Red Rush for the Long Run or Walk

How important is blood flow to our health? Why do we need to know about its importance or even how circulation works?

Do We Need a Circulation Education?

The word “circulation” is often brought up when there’s a health issue. Poor circulation leads to sensations of tingling, numbness, pain or muscle cramps often in the extremities: arms and hands, legs and feet. But poor circulation isn’t a condition. It’s often an indicator of an underlying health issue, possibly diabetes, heart problems or obesity. It may also relate to the physical state of the arteries that blood flows through.

Whatever the underlying cause, it is vital that this red rush continues to flow. It’s essential for maintaining good health. The circulatory system is like an internal river of life with a multitude of tributaries that allow nutrient- and oxygen-rich blood to reach the cells of the body. Interestingly enough, Red Rush beet juice concentrate can help to maintain this red rush coursing through the arteries.

The Arterial Connection

Of all of the possible underlying causes of poor circulation, starting with the “internal river and its tributaries” is a good place to begin because the arteries encompass the flow of blood.

If your arteries narrow, the pressure from blood flow increases, just as water in a wide, rushing river would increase in force where it narrows or is obstructed by boulders or a dam. Pressure builds at these points.

Your blood pressure increases if plaque from cholesterol or fatty deposits builds up on the arterial walls, making them narrower or harder. Lined with a layer of cells called the endothelium, arteries are normally smooth and elastic, which allows for normal circulation.

The “Red Rush” Rush

So what happens to arterial walls when you drink Red Rush? They relax. Why?

Beet nitrate—500 mg per shot of Red Rush—is converted into nitrite by the bacteria in your saliva. The nitrite is further converted into nitric oxide when it reaches your stomach.

Nitric oxide is an amazing molecule that has an equally amazing effect on arteries. It relaxes them so that they widen, allowing improved blood flow and lower blood pressure. This means that oxygen-rich blood has enhanced circulation throughout the body, allowing you to maximize your oxygen uptake. And when you use oxygen to the max during physical activity, it improves your stamina.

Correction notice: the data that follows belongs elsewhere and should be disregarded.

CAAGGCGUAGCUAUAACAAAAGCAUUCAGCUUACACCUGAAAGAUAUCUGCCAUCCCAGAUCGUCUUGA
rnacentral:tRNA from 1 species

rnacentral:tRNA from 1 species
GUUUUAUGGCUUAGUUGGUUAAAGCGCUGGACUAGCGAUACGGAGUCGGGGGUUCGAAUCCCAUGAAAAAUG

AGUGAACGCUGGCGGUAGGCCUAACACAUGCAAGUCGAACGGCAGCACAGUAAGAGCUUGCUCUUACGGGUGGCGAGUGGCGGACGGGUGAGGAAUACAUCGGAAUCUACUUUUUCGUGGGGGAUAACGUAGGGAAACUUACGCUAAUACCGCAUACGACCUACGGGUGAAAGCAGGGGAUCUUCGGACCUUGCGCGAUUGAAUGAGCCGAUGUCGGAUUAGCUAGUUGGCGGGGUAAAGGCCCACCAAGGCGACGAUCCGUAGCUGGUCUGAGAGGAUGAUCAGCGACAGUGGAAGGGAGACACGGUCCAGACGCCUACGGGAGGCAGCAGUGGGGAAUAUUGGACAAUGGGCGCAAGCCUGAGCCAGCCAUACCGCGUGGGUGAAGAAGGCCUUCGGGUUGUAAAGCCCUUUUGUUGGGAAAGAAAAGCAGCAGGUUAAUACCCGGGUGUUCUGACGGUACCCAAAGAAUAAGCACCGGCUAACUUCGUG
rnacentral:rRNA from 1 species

Suppose you normally go for a walk or a run and at a certain point, you find yourself becoming out of breath. By drinking Red Rush two hours before your walk or run (to allow time for conversion from nitrate to nitric oxide), when you reach that normally out-of-breath point, you’ll find that you can keep going because you’re getting a nitric oxide boost of stamina.

And if you’re a runner but not exactly the fittest on the block, beet juice helps to reduce your oxygen consumption.

Whether you’re a fit-as-a-fiddle athlete or a former couch potato on the move, Red Rush beet juice concentrate offers a natural way to boost nitric oxide levels that improve your physical endurance.

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The AIM Companies has been dedicated to improving the quality of people’s lives with life-changing products like BarleyLife and Red Rush and by rewarding passionate Members with a free-enterprise compensation plan.

Under PRESSURE!

CDC statistics reveal that around 75 million adults in America—that’s 1 out of every 3 grown-ups or a whopping 32%—are living with high blood pressure (hypertension) . . . but for how long?

Apparently only 54 percent of those with hypertension have it under control. In 2014, there were 1,100 deaths every day that resulted from high blood pressure as either a primary or contributing cause, over 400,000 American deaths for that year alone.1  

As a result, tens of millions of people are under pressure to take medications to help lower their high blood pressure levels. At the same time, the figure of 75 million people with hypertension may also exist because of a major change to blood pressure level readings that occurred fifteen years ago.